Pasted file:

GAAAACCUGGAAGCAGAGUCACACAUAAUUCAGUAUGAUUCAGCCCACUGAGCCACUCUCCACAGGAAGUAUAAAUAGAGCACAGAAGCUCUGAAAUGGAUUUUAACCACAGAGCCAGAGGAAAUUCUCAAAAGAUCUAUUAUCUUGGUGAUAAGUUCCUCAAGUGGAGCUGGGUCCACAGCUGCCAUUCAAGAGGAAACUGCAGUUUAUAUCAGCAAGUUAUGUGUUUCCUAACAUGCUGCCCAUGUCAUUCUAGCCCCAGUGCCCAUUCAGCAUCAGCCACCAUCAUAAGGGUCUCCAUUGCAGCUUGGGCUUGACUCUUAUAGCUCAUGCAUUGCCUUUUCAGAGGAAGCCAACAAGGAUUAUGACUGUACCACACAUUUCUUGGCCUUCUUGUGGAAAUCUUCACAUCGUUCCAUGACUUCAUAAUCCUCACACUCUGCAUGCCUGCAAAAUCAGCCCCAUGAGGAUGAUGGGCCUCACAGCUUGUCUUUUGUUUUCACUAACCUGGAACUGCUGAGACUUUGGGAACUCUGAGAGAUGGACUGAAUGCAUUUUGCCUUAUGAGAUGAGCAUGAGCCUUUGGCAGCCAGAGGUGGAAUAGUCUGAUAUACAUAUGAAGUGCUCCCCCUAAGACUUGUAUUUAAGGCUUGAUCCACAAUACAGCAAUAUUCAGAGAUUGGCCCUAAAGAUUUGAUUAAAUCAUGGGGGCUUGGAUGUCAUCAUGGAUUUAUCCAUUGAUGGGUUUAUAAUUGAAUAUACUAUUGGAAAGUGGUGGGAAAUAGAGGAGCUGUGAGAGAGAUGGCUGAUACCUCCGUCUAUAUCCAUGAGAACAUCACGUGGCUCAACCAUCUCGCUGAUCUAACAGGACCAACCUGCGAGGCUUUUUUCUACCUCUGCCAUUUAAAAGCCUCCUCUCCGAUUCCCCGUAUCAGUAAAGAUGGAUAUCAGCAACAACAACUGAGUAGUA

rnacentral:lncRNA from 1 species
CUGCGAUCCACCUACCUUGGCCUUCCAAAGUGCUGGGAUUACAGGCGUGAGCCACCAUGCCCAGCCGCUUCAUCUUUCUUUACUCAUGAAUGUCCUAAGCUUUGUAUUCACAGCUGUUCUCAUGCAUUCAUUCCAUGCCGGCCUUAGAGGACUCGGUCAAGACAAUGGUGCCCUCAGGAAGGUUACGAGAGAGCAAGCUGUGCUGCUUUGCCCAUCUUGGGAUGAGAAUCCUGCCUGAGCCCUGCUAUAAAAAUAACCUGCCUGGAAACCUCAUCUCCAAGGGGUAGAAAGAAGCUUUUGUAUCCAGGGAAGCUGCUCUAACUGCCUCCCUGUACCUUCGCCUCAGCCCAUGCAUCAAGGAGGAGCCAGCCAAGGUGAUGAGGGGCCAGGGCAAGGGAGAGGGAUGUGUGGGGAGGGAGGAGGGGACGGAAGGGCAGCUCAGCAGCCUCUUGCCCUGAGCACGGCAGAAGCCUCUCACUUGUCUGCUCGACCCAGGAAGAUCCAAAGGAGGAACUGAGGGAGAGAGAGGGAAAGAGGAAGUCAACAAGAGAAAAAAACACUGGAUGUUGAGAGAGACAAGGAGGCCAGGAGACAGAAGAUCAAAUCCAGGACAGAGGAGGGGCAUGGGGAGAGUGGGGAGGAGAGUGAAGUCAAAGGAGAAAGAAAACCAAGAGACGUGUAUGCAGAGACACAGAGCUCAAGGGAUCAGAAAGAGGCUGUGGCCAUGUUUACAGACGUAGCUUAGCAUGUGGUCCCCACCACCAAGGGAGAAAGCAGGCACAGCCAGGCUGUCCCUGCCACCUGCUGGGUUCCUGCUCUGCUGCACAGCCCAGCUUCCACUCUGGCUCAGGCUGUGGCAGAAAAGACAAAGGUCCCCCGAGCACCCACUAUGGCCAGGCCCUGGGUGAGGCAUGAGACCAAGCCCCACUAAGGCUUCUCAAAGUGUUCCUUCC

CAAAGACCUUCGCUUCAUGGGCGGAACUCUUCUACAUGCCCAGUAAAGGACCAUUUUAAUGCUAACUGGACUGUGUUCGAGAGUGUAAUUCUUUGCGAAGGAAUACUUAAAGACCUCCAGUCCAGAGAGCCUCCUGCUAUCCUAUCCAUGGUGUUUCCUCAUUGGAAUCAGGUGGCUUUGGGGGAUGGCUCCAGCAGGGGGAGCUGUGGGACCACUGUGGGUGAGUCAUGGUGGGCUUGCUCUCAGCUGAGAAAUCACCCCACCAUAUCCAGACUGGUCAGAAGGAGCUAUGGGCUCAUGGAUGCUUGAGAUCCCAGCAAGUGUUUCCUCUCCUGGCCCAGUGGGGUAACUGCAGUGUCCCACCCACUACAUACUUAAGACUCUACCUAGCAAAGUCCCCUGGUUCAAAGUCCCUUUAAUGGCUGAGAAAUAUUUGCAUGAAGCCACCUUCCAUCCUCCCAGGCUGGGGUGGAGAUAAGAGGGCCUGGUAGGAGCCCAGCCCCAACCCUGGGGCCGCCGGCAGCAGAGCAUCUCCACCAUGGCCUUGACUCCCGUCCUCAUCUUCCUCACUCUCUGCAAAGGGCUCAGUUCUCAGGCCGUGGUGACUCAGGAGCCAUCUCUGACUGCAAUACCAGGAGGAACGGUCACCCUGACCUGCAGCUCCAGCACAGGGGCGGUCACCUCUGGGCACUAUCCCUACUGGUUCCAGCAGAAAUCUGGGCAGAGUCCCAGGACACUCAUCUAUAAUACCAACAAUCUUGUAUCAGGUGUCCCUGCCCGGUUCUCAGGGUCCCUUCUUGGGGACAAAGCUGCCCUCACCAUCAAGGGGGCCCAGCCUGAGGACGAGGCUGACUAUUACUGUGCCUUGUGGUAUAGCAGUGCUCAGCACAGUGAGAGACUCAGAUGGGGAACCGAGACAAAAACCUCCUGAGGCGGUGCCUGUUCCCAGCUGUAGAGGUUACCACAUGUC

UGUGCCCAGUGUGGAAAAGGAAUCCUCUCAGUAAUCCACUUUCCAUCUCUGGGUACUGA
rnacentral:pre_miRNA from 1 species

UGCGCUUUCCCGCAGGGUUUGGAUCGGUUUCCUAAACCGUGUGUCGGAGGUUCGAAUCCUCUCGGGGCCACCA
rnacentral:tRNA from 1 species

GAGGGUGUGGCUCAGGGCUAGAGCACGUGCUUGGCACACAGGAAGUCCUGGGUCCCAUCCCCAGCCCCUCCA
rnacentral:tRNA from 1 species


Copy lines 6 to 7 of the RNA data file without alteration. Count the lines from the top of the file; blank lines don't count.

rnacentral:pre_miRNA from 1 species

UGCGCUUUCCCGCAGGGUUUGGAUCGGUUUCCUAAACCGUGUGUCGGAGGUUCGAAUCCUCUCGGGGCCACCA